(WASHINGTON) — At what he called his final Pentagon press conference Defense Secretary Leon Panetta said the U.S. is still trying to determine if the North Korean test early Tuesday morning was really nuclear.
North Korea announced it had conducted its third underground test of a nuclear weapon that it called a “miniaturized device.” South Korea said the test measured six to seven kilotons, or about two-thirds of the size of the atomic bomb that the U.S. dropped on Hiroshima in 1945.
In his opening remarks Wednesday Panetta said he joined President Obama in, “condemning the apparent North Korean nuclear test.” However, Panetta added, “We’re still evaluating that to determine exactly, you know, whether or not it really was a nuclear test.”
Nuclear test or not, he labeled it a “highly provocative act” that violated UN Security Resolutions and commitments made in the Six Party Talks.
“There is no question that North Korea constitutes a threat to the United States, to regional stability and to global security,” said Panetta. “The combination of a recent missile test combined with what apparently was this nuclear test, we believe, represents a real threat to the United States of America. Make no mistake: The U.S. military will take all necessary steps to meet our security commitments to the Republic of Korea and to our regional allies.”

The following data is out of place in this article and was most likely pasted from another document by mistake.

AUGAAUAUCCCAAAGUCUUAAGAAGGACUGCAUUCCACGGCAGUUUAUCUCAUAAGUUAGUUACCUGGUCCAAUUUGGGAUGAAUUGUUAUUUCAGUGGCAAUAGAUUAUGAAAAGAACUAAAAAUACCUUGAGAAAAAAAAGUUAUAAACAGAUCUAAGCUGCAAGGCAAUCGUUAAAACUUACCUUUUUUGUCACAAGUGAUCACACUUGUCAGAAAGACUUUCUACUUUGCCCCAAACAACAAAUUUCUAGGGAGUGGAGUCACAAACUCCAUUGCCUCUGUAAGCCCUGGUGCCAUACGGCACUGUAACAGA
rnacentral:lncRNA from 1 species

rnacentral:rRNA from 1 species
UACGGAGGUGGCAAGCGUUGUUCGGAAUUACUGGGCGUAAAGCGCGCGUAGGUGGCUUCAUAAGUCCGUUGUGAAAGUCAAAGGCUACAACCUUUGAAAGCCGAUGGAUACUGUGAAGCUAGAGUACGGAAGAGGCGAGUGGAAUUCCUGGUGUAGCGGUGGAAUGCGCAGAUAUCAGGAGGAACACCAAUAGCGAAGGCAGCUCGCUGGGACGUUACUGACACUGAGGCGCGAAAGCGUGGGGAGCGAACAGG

Panetta said the assessment of whether it was a nuclear test is ongoing, “but there’s no question that North Korea has continued to enrich fuel.”
“It should be of great concern to the international community that they are continuing to develop their capabilities to threaten the security not only of South Korea but of the rest of the world. And for that reason, I think that we have to take steps to make very clear to them that that kind of behavior is unacceptable,” Panetta continued.
He urged the international community to take steps so North Korea sees how its moves are only isolating it further. Earlier Wednesday Panetta spoke with South Korea’s Defense Minister and both agreed to continue to hold exercises in the Korean peninsula.
“We’re going to continue to show the North Koreans that we are fully prepared to deal with any contingencies. We’re going to work with both South Korea and Japan to try to develop the kind of defense systems that we need. And I think that we have to do everything necessary to increase our missile defenses with regards to that threat,” he said.
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